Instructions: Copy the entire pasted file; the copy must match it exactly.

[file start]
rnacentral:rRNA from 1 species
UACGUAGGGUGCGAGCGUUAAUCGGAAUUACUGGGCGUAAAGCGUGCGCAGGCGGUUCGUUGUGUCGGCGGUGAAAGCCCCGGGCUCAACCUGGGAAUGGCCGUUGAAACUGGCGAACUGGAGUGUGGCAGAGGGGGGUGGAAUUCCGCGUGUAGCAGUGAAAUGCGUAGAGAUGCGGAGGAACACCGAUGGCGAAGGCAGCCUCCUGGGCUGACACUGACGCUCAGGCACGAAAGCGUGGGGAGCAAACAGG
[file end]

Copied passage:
rnacentral:rRNA from 1 species
UACGUAGGGUGCGAGCGUUAAUCGGAAUUACUGGGCGUAAAGCGUGCGCAGGCGGUUCGUUGUGUCGGCGGUGAAAGCCCCGGGCUCAACCUGGGAAUGGCCGUUGAAACUGGCGAACUGGAGUGUGGCAGAGGGGGGUGGAAUUCCGCGUGUAGCAGUGAAAUGCGUAGAGAUGCGGAGGAACACCGAUGGCGAAGGCAGCCUCCUGGGCUGACACUGACGCUCAGGCACGAAAGCGUGGGGAGCAAACAGG